Winners of the Cursed Soldiers Museum project announced

The MOC architectural studio of Katowice has been announced as the winner of a competition to design and build Warsaw’s Museum of Cursed Soldiers & Political Prisoners in the Polish People’s Republic. The results of the competition were announced in Warsaw.

Those attending the news conference at the Association of Polish Architects (SARP) learnt that 74 teams had applied and 20 projects had been submitted.

“The theme was very difficult both in its symbolic context and as regards the conditions of this undertaking. It was unusual, both ideologically and architecturally as well. It dealt with material at the juncture of town planning, architecture and exhibition technique,” remarked Andrzej Bulanda, chairman of the judges panel evaluating the projects.

2.png Deputy Minister of Justice Patryk Jaki, a member of the competition commission, said that the Cursed Soldiers Museum project would leave a permanent imprint on the history of Poland and the politics of the Polish state.

“We had pledged to pursue with determination the project to create a Museum of Cursed Soldiers & Political Prisoners in the Polish People’s Republic, and that is now taking place. All the formalities connected with the founding of such an institution have been swiftly expedited. The institution has a director, it is engaged in educational and public-relations activities, collecting mementoes and guiding excursions through the Rakowiecka Street prison. We have finally concluded our work on the penal institution and pre-trial lock-up in Warsaw’s Mokotów district,” Jaki noted.

“That is our great commitment to those who gave their lives for our country. This museum will be the symbolic victory of people who did not agree to what took place after the Second World War,” he said.

Two honourable mentions and three prizes have been awarded. The main prize, 50,000 PLN and an invitation to free-hand negotiations to draw up project documentation went to MOC Architects of Katowice.

The judges’ panel acknowledged “the creative plan to tidy up the existing investigative lock-up complex as well as to maintain and highlight its historical objects.” Also taken into account was “the museum’s functional legibility” and the introduction of new sculpted elements enriching the museum’s space.”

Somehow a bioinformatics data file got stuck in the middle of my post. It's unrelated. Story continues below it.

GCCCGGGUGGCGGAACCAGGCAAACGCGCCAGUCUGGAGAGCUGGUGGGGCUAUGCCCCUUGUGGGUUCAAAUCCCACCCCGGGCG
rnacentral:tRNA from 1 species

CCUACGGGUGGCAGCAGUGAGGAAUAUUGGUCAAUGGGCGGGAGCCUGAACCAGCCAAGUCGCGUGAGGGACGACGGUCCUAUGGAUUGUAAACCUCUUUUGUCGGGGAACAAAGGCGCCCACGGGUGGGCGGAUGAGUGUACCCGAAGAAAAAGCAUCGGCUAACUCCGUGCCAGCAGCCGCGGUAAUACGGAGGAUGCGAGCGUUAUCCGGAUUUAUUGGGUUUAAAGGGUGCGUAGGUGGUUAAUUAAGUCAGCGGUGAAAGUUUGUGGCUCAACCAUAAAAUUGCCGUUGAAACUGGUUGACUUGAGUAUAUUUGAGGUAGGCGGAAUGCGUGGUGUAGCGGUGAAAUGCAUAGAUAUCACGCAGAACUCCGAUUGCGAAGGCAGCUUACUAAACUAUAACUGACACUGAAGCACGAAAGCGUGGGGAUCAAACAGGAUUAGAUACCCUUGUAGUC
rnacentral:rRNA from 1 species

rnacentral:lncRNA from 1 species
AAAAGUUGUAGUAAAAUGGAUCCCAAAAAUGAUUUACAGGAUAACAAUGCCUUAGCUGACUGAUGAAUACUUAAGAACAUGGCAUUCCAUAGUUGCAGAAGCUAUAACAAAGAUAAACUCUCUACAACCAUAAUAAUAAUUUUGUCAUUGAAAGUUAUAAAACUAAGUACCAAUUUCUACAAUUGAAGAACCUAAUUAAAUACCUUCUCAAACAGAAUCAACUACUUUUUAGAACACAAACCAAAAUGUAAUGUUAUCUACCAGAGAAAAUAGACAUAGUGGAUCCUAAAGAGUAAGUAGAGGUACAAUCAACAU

“This place is not supposed to be an investigative lock-up  any more, with all its grim prison elements– it has become a museum. As such, it should create humanistic and spiritual values and even contain optimistic themes,” read the justification.

3.png “The museum’s main entrance has been designed with forethought. Its public space and entrance square have been integrated with Rakowiecka Street. Functional solutions as well as the driveway and parking area are regarded as appropriate. Doubling the museum’s sightseeing path from ground level in a clear manner, underground pedestrian solutions have been designed to integrate all key points,” the verdict’s justification said.

It was also emphasised that “this design has distinguished itself with its concept of four sculpted skylight towers delivering natural light to the underground level. That has not only helped to arrange the museum’s space but has also become an important city landmark.”

“That is a vital topic for us as architects and for the country as a whole. This site should have been created much earlier,” remarked Błażej Janik of MOC Architects. “We wanted our design to honour all the people who had passed through this place.”

“Ten months ago, Minister Zbigniew Ziobro took the decision to establish a Cursed Soldiers & Political Prisoners in the Polish People’s Republic Museum on the premises of the former Rakowiecka Street prison,” recalled Jacek Pawłowicz, the Museum’s director.

“The museum began operating on 1st April 2016. Ten months on and we are entering a new stage in the creation of the museum itself.”

The competition was announced on 28th September 2016. The judges panel included Czesław Bielecki, Patryk Jaki, Arkadiusz Karbowiak, Jacek Pawłowicz, Sławomir Cenckiewicz and Krzysztof Szwagrzyk.

Source: Polish Press Agency (PAP)